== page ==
Detection of subclinical Harlequin syndrome in pediatric patients

Paediatr Anaesth. 2020 May;30(5):592-598. doi: 10.1111/pan.13852. Epub 2020 Mar 25.


Background: Harlequin syndrome presents as differences in facial coloring due to unilateral flushing. This is the result of the inability to flush on the affected side due to the disruption of vasomotor and sudomotor sympathetic activity. The neurologically intact side appears flushed. A 2°C temperature difference between the flushed and nonflushed sides of the face has been detected in patients presenting with Harlequin syndrome. This difference in temperature might be detectable even in the absence of unilateral flushing, and this subclinical manifestation of the syndrome may occur more often than realized.

Aim: To measure and compare the difference in the change in temperature on both sides of the face in patients with a thoracic epidural.

Methods: Fifteen pediatric patients receiving thoracic epidurals for the correction of pectus excavatum via Nuss procedure were enrolled. Temperature measurements on each side of the face were collected at three time points: prior to epidural placement in the holding area, one hour after epidural analgesia had been instituted, and after the patient awakened in the recovery area. The primary outcome is whether or not a temperature difference occurred between the two sides of the face over time.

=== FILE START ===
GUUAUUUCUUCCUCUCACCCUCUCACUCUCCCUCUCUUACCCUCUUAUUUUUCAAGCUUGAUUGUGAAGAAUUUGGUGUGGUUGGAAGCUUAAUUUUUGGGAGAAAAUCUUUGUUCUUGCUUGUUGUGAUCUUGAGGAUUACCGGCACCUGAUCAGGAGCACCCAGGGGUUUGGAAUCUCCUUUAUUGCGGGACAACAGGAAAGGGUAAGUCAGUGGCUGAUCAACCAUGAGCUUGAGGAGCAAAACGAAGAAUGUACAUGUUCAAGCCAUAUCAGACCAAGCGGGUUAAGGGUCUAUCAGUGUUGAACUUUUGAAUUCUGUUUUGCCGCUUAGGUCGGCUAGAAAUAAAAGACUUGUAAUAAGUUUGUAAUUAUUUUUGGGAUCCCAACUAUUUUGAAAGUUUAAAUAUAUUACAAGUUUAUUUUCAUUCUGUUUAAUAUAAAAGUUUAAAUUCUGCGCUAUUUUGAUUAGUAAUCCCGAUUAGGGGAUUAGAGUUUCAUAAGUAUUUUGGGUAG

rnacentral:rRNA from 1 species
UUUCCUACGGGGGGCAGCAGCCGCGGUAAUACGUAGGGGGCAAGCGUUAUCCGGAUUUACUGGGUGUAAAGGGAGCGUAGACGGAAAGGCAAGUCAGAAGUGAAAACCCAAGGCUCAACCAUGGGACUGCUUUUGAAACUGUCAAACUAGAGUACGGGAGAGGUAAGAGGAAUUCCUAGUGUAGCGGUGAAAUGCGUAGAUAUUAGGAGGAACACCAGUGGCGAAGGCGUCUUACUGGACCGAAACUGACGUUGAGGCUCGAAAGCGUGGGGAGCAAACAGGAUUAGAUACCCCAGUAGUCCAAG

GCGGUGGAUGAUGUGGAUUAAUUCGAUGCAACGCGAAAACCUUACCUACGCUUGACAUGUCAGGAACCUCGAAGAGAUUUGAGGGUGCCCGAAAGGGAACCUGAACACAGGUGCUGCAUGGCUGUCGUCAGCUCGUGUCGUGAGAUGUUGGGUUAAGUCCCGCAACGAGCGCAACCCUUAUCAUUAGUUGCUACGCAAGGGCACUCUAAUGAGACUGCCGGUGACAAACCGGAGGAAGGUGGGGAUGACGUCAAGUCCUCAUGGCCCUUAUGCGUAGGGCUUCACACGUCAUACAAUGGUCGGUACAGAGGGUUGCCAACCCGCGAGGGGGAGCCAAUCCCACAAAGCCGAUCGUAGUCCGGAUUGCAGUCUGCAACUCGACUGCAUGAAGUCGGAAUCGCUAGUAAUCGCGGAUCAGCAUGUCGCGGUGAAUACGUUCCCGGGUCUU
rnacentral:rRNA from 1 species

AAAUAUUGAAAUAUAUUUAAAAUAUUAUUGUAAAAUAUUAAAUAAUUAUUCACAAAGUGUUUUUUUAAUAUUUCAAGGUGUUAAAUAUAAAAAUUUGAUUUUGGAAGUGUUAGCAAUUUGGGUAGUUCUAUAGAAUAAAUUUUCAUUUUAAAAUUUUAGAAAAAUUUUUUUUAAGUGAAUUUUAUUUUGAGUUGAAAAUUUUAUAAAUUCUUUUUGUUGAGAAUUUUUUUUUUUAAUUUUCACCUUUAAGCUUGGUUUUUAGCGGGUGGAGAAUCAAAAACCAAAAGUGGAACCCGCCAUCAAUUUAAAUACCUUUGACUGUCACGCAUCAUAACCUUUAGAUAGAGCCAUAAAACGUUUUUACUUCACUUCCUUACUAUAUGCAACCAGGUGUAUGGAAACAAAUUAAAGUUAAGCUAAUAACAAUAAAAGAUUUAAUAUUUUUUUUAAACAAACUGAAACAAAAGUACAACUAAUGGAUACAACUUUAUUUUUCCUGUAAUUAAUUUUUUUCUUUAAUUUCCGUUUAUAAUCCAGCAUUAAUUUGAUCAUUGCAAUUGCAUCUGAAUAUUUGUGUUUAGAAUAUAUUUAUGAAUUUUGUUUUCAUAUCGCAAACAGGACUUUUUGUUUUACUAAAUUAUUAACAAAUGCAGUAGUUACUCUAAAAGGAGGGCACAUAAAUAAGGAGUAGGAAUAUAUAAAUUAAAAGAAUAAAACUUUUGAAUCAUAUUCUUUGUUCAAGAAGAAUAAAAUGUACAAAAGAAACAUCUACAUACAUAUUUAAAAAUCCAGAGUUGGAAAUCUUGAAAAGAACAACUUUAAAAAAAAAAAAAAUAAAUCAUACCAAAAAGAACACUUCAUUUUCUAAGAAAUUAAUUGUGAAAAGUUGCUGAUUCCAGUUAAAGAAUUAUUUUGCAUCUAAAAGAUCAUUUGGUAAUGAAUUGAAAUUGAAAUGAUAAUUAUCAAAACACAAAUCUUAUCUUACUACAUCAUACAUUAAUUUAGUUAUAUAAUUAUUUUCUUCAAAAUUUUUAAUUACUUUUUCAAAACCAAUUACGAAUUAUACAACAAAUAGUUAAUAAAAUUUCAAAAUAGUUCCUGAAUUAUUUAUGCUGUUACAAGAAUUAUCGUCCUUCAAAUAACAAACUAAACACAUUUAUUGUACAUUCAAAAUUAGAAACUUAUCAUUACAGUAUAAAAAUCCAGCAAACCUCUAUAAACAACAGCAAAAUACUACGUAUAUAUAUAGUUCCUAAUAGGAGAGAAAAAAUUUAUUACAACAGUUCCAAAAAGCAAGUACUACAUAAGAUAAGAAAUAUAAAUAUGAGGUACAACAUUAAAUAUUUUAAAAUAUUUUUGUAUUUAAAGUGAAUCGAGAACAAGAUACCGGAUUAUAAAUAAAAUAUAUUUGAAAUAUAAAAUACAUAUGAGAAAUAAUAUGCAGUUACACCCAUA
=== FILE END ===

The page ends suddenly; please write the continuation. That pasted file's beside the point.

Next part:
Results: Comparing the pre-op temperature change to post-op temperature change for each side of the face, patient 2 had a large increase in temperature on the left side of the face with a decrease in temperature on the right side of the face. The largest observed difference between the changes in temperature from pre-op to post-op between the right and left sides of the face was 1.85°C in patient 2. This was more than two standard deviations from the mean difference in the patient population. Patient 15 also had a large difference in change in temperature from pre-op to post-op between the right and left sides of the face with an observed difference of 1.14°C, although this was not more than two standard deviations from the mean. None of the patients had unilateral facial flushing.

Conclusion: Asymmetric effects or distribution of local anesthetic used in thoracic epidurals may result in asymmetric blockade of efferent sympathetic nervous system activity. This may cause differences in temperature between the two sides of the face without unilateral flushing. This phenomenon has previously been termed subclinical Harlequin syndrome. Subclinical Harlequin syndrome may be more common than anticipated and may be detected by comparing temperature differences in patients.

Keywords: Harlequin syndrome; thoracic epidural; unilateral flushing.

MeSH terms

  • Adolescent
  • Autonomic Nervous System Diseases / diagnosis*
  • Autonomic Nervous System Diseases / physiopathology
  • Body Temperature / physiology*
  • Face / physiopathology
  • Female
  • Flushing / diagnosis*
  • Flushing / physiopathology
  • Humans
  • Hypohidrosis / diagnosis*
  • Hypohidrosis / physiopathology
  • Male

Supplementary concepts

  • Harlequin syndrome